Side effects are usually dose dependent. If side effects occur, contact your veterinarian, who may decrease the dosage, frequency, or type of corticosteroid.
The most common side effects are increased appetite, drinking, and urination. Your pet may have more "accidents" and need to go outside or use the litter box more often. Less common side effects include weight gain, panting, diarrhea, vomiting, and behavior changes.
Side effects of daily long-term use include muscle loss, weakness, and the development of diabetes or hyperadrenocorticism (Cushing's disease). The typical signs of these diseases are increased thirst, urination, and appetite. Animals with Cushing's disease may also develop thin skin, a poor hair coat, and a "pot-belly." Side effects may also include activation or worsening of hypothyroidism or pancreatitis.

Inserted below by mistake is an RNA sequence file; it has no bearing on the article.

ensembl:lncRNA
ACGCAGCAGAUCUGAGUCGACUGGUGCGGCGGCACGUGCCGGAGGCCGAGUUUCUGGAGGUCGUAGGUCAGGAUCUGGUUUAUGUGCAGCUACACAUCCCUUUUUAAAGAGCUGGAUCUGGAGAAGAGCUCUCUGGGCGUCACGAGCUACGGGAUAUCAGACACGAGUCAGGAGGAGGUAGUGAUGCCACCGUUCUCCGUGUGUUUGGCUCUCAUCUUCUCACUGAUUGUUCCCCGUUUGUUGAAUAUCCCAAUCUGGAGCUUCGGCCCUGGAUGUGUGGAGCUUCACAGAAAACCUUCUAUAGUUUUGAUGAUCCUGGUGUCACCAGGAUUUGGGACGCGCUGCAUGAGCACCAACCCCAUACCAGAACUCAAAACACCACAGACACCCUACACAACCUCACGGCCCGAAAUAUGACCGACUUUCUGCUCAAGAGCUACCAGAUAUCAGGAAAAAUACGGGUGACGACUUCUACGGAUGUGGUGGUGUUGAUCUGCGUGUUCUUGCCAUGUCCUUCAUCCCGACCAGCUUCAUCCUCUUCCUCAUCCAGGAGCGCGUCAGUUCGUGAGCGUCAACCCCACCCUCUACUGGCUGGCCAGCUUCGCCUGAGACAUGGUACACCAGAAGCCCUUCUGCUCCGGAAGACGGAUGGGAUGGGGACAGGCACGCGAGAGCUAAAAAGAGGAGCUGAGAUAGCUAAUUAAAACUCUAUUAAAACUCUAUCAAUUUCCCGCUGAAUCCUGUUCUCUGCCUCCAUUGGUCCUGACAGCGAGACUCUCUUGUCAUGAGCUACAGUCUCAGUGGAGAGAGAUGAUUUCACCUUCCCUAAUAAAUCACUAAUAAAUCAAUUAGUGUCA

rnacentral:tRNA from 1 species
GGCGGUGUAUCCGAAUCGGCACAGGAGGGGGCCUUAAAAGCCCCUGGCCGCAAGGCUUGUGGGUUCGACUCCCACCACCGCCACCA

Immune system suppression may occur at high doses, making a pet more susceptible to infection. Contact your veterinarian if your pet has a fever (over 103° F), painful urination (a sign of urinary tract infection), tiredness, sneezing, coughing, or runny eyes.